3C), there was a significant decrease in the percentage of CD11b/

3C), there was a significant decrease in the percentage of CD11b/CD11c+ DC (Fig. 3D and E). Notably, ER-β ligand treatment did not alter the percentage of CD4+CD25hiFoxp3+ T regulatory cells that could potentially suppress encephalitogenic TC in the CNS (not shown). Naïve mice did not show detectable levels of TC or DC in the CNS. Further analysis

of CD11b/CD11c+ DC in the CNS of EAE mice revealed that ER-β ligand treatment appeared to decrease MHCII expression when compared with vehicle-treated mice, but there were no differences in the level Belnacasan of expression of the costimulatory molecules CD80 and CD86 on DC between treatment groups (Supporting Information Fig. 1). Altogether, these results showed that the cellular composition of CNS inflammation in EAE was affected by ER-β ligand treatment during the effector phase. Specifically, ER-β ligand treatment decreased the percentage of CD11b/CD11c+ DC in the CNS. We next asked whether ER-β ligand treatment might affect cytokine production

by DC in the target organ. We focused on TNF-α because TNF-α is known to mediate demyelination and axonal transection in EAE 24, 25, and we had observed protection of myelin and axons with ER-β ligand treatment (Fig. 2). DC were sorted ex vivo from the CNS of ER-β ligand and vehicle-treated mice at disease onset and TNF-α mRNA Tanespimycin molecular weight levels were quantified by RT-PCR. TNF-α mRNA levels were reduced by 40% in CD11b/CD11c+ DC derived from ER-β ligand-treated EAE mice as compared with vehicle-treated (Fig. 4A). Together, these isothipendyl data showed that in addition to reducing the number of DC in the target organ (Fig. 3), ER-β ligand treatment also reduced their ability to make TNF-α. To further determine whether ER-β ligand treatment in vivo induced functional changes in CNS DC, we performed DC/TC co-cultures. DC were derived from the CNS of ER-β ligand or vehicle-treated EAE mice, whereas autoantigen-primed TC were obtained from LN of untreated mice immunized with autoantigen. Consistent with the previous studies using co-cultures 26, autoantigen stimulation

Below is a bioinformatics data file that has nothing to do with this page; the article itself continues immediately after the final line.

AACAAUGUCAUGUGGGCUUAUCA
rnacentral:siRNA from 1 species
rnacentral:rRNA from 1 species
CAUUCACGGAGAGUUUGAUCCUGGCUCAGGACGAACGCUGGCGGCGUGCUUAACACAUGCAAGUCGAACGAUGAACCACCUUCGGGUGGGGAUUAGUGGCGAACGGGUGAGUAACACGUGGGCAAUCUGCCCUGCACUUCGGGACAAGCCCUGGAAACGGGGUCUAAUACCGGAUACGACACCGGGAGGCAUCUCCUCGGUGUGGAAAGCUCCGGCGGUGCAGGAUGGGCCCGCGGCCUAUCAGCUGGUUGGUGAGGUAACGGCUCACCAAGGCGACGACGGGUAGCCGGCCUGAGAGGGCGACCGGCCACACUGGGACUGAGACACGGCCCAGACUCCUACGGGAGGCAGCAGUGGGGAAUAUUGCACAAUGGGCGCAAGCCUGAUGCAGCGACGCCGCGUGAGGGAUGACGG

of co-cultures resulted in proliferation at DC/TC ratios of 1:5 and 1:20, but not at 1:50. Notably, there was no difference in this proliferation when comparing DC derived from ER-β ligand versus vehicle-treated mice (Fig. 4B). However, when TNF-α levels were examined in supernatants, decreased levels of TNF-α were found in cultures that contained DC derived from the CNS of ER-β ligand-treated, as compared with vehicle-treated mice (Fig. 4C). In this experiment, it is possible that the source of TNF-α may be DC and TC. As TNF-α can mediate demyelination and axonal transection in EAE 27, 28, effects on TNF-α production when DC were treated with ER-β ligand were consistent with reduced demyelination and axonal loss in ER-β ligand-treated EAE mice (Fig. 2).

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